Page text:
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    hmmm....

    As an example, how can I overlaod the operator== for a class where I need to consider two different values?

    As an example class:
    Code:
    class path{
    
      public:
    
        path( int init, int term )
        : initial( init ), terminal( term ){};
    
        bool operator==( const path& p ){ 
    
          return p.initial == initial;
    
          // Also need to check terminal here?
        }
    
      private:
    
        int initial;
        int terminal;
    };
    How do I check both initial and terminal values?
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    I'm thinking one of you clever people out there will tell me, "Aha! Hence the importance of the comparison object!"

    So I would need the comparison object, right?
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  9. #9
    C++ Witch laserlight's Avatar
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    I would write something like this:
    Code:
    class path {
    public:
    
        path( int init, int term )
            : initial( init ), terminal( term ){};
    
        friend bool operator==(const path& lhs, const path& rhs);
        friend bool operator<(const path& lhs, const path& rhs);
    
    private:
    
        int initial;
        int terminal;
    };
    
    bool operator==(const path& lhs, const path& rhs)
    {
        return lhs.initial == rhs.initial && lhs.terminal == rhs.terminal;
    }
    Of course, you have to decide on how to make it less than comparable, perhaps by arbitrarily comparing lhs.initial < rhs.initial || (lhs.initial == rhs.initial && lhs.terminal < rhs.terminal).

    So I would need the comparison object, right?
    A comparison object is useful when you want to compare in a way other than the default (less than with std::less). In this case you have not even defined the default.
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    Code:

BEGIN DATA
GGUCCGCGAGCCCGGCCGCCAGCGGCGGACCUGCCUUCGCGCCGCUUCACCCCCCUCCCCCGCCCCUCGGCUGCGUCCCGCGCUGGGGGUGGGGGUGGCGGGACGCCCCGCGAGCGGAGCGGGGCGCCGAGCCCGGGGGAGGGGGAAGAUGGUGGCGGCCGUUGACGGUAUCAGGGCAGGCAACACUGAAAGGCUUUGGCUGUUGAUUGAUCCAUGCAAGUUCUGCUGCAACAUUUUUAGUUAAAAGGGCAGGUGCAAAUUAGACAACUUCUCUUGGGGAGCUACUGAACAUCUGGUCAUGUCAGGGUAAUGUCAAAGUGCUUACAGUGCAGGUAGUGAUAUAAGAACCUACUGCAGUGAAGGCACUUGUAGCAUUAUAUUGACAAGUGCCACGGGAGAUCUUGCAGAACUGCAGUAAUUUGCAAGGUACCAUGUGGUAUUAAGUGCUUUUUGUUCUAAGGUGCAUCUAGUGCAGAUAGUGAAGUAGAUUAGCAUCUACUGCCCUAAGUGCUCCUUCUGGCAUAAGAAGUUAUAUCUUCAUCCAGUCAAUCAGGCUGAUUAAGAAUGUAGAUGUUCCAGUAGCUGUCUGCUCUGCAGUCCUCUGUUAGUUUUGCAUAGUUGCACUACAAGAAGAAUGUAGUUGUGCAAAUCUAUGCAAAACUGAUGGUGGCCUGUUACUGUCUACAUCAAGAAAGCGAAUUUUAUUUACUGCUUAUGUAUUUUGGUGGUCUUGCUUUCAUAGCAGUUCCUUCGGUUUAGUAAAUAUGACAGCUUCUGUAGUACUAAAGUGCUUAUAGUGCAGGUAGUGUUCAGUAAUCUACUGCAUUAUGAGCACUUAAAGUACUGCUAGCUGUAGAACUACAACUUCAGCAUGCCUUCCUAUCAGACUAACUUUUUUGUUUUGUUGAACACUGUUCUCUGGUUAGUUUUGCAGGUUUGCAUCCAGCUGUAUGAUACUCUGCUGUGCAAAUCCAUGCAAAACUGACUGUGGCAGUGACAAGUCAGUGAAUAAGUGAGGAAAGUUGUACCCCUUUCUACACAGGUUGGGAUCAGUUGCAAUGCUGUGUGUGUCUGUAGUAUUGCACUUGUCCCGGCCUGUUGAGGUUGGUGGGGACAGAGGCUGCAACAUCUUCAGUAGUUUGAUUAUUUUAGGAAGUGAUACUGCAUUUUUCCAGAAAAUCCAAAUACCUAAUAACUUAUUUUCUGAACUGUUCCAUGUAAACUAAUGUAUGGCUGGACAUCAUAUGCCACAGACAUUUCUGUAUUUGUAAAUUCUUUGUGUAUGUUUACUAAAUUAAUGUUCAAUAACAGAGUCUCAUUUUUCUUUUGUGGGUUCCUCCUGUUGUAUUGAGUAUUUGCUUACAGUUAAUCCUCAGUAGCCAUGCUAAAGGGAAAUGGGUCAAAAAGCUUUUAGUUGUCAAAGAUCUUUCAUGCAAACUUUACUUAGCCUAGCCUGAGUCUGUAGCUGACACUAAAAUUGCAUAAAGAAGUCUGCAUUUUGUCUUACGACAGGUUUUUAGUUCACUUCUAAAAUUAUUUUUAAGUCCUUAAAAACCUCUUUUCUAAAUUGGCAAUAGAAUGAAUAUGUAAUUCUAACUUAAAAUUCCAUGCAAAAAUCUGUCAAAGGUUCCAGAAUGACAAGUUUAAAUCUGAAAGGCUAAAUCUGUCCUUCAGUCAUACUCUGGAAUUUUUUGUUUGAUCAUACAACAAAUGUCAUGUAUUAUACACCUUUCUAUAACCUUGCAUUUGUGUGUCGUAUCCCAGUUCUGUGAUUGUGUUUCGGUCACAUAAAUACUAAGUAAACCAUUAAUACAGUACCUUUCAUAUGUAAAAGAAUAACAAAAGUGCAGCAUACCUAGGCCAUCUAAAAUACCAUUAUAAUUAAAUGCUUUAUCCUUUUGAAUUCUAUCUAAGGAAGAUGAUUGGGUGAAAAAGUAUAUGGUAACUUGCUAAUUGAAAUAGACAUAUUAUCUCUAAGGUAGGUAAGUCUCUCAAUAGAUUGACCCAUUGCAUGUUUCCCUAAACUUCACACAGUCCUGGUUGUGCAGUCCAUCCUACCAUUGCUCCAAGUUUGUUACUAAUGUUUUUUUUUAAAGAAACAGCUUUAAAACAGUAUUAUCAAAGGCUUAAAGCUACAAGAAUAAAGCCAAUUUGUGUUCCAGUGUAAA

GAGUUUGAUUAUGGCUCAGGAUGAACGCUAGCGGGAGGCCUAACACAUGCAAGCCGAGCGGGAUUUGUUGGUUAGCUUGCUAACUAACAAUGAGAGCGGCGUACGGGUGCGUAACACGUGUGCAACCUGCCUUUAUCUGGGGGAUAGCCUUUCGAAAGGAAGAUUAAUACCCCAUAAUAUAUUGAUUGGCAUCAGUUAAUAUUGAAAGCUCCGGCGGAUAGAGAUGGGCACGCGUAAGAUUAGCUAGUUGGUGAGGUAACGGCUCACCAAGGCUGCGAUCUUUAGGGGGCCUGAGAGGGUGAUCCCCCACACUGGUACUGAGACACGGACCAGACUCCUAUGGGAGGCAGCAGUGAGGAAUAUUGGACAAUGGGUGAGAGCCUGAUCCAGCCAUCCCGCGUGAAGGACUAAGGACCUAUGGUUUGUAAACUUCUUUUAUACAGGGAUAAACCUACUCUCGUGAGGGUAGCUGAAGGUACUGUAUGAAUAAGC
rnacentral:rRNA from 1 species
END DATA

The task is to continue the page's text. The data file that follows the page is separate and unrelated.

return lhs.initial == rhs.initial && lhs.terminal == rhs.terminal;
    Yea, this was my next question. I never wrote a return statement with logical operators in it like that. I didn't even know that was allowed!
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    You can have more than one return statement. Usually, if you're doing less than comparison for objects with two parts, then you compare the first piece of data. If the two values are equal, then you return the comparison of the second piece of data.

    Remember to return false if both objects have the same values for the two pieces of data (both comparisons are equal).

  12. #12
    C++ Witch laserlight's Avatar
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    You can have more than one return statement.
    Of course, but in this case I think my earlier suggestion suffices:
    Code:
    bool operator<(const path& lhs, const path& rhs)
    {
        return lhs.initial < rhs.initial
            || (lhs.initial == rhs.initial && lhs.terminal < rhs.terminal);
    }
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  13. #13
    Cat without Hat CornedBee's Avatar
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    I didn't even know that was allowed!
    Why wouldn't it be? Conditions of if, while and for statements are not special.
    All the buzzt!
    CornedBee

    "There is not now, nor has there ever been, nor will there ever be, any programming language in which it is the least bit difficult to write bad code."